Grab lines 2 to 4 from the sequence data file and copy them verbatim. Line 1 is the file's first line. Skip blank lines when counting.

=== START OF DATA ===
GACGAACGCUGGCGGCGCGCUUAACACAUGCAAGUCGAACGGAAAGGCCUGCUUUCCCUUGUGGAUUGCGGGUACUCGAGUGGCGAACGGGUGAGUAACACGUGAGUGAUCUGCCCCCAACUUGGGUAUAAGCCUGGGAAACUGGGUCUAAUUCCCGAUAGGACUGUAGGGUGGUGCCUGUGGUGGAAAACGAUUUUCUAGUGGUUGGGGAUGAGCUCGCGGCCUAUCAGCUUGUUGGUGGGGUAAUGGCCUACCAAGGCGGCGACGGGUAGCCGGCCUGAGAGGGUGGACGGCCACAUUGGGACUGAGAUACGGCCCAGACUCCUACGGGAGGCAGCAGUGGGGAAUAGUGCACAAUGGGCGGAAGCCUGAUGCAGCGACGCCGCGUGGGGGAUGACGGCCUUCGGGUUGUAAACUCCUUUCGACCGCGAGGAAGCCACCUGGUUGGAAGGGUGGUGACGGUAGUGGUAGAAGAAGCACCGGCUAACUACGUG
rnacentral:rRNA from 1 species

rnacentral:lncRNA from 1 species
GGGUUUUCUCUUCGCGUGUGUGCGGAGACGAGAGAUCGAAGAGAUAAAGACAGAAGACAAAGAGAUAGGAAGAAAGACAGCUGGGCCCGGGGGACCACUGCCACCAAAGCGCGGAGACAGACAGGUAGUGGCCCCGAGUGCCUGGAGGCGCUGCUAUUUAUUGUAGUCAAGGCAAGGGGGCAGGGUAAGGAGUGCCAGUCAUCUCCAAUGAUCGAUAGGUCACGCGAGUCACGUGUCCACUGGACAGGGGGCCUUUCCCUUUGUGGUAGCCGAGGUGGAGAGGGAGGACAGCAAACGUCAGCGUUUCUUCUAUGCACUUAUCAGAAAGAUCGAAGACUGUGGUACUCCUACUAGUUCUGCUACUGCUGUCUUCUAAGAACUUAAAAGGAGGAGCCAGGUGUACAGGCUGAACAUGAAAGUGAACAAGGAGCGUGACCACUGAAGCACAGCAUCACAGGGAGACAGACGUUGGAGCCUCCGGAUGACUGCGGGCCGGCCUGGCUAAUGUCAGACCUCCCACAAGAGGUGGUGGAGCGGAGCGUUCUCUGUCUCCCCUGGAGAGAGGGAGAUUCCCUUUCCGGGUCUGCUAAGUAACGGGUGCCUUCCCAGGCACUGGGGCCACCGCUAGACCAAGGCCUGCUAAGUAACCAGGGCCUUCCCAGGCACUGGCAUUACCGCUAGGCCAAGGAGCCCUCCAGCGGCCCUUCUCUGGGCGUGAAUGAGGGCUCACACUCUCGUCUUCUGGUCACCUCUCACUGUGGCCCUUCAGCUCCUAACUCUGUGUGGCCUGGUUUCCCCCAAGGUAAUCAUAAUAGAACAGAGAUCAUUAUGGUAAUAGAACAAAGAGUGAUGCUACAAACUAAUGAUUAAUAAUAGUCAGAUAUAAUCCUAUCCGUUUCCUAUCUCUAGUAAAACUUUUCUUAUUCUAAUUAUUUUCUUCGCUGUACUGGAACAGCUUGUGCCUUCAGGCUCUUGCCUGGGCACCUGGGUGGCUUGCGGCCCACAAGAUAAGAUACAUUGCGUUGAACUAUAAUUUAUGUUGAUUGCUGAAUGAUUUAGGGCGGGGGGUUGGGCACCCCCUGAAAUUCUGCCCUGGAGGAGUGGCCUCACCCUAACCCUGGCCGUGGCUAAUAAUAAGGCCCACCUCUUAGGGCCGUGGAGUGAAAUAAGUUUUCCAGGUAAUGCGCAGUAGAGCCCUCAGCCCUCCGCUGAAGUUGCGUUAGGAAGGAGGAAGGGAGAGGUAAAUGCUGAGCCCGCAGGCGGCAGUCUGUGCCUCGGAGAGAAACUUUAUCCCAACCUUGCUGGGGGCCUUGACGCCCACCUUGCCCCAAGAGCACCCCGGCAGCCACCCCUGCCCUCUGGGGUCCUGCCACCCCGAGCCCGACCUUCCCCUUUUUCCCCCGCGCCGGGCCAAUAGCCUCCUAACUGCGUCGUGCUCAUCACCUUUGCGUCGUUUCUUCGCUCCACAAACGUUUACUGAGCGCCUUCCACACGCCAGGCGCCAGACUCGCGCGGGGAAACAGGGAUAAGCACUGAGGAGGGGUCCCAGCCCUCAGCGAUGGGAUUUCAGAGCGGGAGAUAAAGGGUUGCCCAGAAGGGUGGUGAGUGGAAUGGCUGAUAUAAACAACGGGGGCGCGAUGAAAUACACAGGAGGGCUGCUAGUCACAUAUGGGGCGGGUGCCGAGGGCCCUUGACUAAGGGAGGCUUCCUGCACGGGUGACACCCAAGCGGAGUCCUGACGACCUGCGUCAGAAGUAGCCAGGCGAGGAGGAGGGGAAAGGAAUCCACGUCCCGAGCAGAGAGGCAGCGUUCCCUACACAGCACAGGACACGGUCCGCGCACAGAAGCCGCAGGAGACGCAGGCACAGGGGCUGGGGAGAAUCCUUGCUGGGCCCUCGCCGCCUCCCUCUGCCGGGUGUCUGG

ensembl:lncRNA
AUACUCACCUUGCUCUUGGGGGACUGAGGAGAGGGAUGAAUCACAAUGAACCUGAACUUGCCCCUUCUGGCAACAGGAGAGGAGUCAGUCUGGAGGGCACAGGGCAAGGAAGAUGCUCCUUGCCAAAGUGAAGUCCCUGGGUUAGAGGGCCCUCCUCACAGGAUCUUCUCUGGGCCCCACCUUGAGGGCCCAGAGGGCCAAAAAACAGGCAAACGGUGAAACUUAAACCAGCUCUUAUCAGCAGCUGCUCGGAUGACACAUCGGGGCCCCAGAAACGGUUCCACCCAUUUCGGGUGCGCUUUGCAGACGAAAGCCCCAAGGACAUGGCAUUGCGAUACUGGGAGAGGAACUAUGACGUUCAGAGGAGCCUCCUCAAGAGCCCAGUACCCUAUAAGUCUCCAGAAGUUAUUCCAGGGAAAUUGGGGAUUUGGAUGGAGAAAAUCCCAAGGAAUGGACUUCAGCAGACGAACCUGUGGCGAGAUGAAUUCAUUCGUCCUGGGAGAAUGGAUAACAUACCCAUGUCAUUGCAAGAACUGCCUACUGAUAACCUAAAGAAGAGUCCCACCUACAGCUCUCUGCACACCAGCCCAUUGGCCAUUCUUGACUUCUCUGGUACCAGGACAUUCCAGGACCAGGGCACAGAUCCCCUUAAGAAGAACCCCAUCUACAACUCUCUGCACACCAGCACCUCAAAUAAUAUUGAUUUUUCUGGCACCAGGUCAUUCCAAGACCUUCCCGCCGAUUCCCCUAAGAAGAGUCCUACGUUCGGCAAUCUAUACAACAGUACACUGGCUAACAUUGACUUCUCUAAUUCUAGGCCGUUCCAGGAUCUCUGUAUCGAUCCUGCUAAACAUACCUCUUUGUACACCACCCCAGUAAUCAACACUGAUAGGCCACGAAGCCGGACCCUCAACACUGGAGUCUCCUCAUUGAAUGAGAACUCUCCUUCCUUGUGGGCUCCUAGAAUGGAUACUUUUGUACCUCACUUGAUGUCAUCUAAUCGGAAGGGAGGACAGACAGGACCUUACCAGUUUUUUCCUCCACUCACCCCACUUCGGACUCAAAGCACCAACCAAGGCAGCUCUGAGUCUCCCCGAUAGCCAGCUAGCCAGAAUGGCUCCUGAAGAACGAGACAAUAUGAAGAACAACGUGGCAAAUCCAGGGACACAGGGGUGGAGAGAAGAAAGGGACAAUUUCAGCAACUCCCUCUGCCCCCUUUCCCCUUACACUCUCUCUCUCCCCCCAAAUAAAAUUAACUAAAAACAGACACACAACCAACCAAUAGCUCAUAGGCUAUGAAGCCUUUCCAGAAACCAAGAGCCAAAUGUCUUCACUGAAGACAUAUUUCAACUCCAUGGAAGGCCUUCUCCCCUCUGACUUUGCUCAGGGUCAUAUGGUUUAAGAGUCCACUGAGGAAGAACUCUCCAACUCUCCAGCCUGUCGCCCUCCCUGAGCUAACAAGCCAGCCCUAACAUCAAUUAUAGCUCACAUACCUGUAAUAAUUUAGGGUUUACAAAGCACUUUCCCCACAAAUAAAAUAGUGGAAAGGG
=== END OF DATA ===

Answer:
rnacentral:rRNA from 1 species

rnacentral:lncRNA from 1 species
GGGUUUUCUCUUCGCGUGUGUGCGGAGACGAGAGAUCGAAGAGAUAAAGACAGAAGACAAAGAGAUAGGAAGAAAGACAGCUGGGCCCGGGGGACCACUGCCACCAAAGCGCGGAGACAGACAGGUAGUGGCCCCGAGUGCCUGGAGGCGCUGCUAUUUAUUGUAGUCAAGGCAAGGGGGCAGGGUAAGGAGUGCCAGUCAUCUCCAAUGAUCGAUAGGUCACGCGAGUCACGUGUCCACUGGACAGGGGGCCUUUCCCUUUGUGGUAGCCGAGGUGGAGAGGGAGGACAGCAAACGUCAGCGUUUCUUCUAUGCACUUAUCAGAAAGAUCGAAGACUGUGGUACUCCUACUAGUUCUGCUACUGCUGUCUUCUAAGAACUUAAAAGGAGGAGCCAGGUGUACAGGCUGAACAUGAAAGUGAACAAGGAGCGUGACCACUGAAGCACAGCAUCACAGGGAGACAGACGUUGGAGCCUCCGGAUGACUGCGGGCCGGCCUGGCUAAUGUCAGACCUCCCACAAGAGGUGGUGGAGCGGAGCGUUCUCUGUCUCCCCUGGAGAGAGGGAGAUUCCCUUUCCGGGUCUGCUAAGUAACGGGUGCCUUCCCAGGCACUGGGGCCACCGCUAGACCAAGGCCUGCUAAGUAACCAGGGCCUUCCCAGGCACUGGCAUUACCGCUAGGCCAAGGAGCCCUCCAGCGGCCCUUCUCUGGGCGUGAAUGAGGGCUCACACUCUCGUCUUCUGGUCACCUCUCACUGUGGCCCUUCAGCUCCUAACUCUGUGUGGCCUGGUUUCCCCCAAGGUAAUCAUAAUAGAACAGAGAUCAUUAUGGUAAUAGAACAAAGAGUGAUGCUACAAACUAAUGAUUAAUAAUAGUCAGAUAUAAUCCUAUCCGUUUCCUAUCUCUAGUAAAACUUUUCUUAUUCUAAUUAUUUUCUUCGCUGUACUGGAACAGCUUGUGCCUUCAGGCUCUUGCCUGGGCACCUGGGUGGCUUGCGGCCCACAAGAUAAGAUACAUUGCGUUGAACUAUAAUUUAUGUUGAUUGCUGAAUGAUUUAGGGCGGGGGGUUGGGCACCCCCUGAAAUUCUGCCCUGGAGGAGUGGCCUCACCCUAACCCUGGCCGUGGCUAAUAAUAAGGCCCACCUCUUAGGGCCGUGGAGUGAAAUAAGUUUUCCAGGUAAUGCGCAGUAGAGCCCUCAGCCCUCCGCUGAAGUUGCGUUAGGAAGGAGGAAGGGAGAGGUAAAUGCUGAGCCCGCAGGCGGCAGUCUGUGCCUCGGAGAGAAACUUUAUCCCAACCUUGCUGGGGGCCUUGACGCCCACCUUGCCCCAAGAGCACCCCGGCAGCCACCCCUGCCCUCUGGGGUCCUGCCACCCCGAGCCCGACCUUCCCCUUUUUCCCCCGCGCCGGGCCAAUAGCCUCCUAACUGCGUCGUGCUCAUCACCUUUGCGUCGUUUCUUCGCUCCACAAACGUUUACUGAGCGCCUUCCACACGCCAGGCGCCAGACUCGCGCGGGGAAACAGGGAUAAGCACUGAGGAGGGGUCCCAGCCCUCAGCGAUGGGAUUUCAGAGCGGGAGAUAAAGGGUUGCCCAGAAGGGUGGUGAGUGGAAUGGCUGAUAUAAACAACGGGGGCGCGAUGAAAUACACAGGAGGGCUGCUAGUCACAUAUGGGGCGGGUGCCGAGGGCCCUUGACUAAGGGAGGCUUCCUGCACGGGUGACACCCAAGCGGAGUCCUGACGACCUGCGUCAGAAGUAGCCAGGCGAGGAGGAGGGGAAAGGAAUCCACGUCCCGAGCAGAGAGGCAGCGUUCCCUACACAGCACAGGACACGGUCCGCGCACAGAAGCCGCAGGAGACGCAGGCACAGGGGCUGGGGAGAAUCCUUGCUGGGCCCUCGCCGCCUCCCUCUGCCGGGUGUCUGG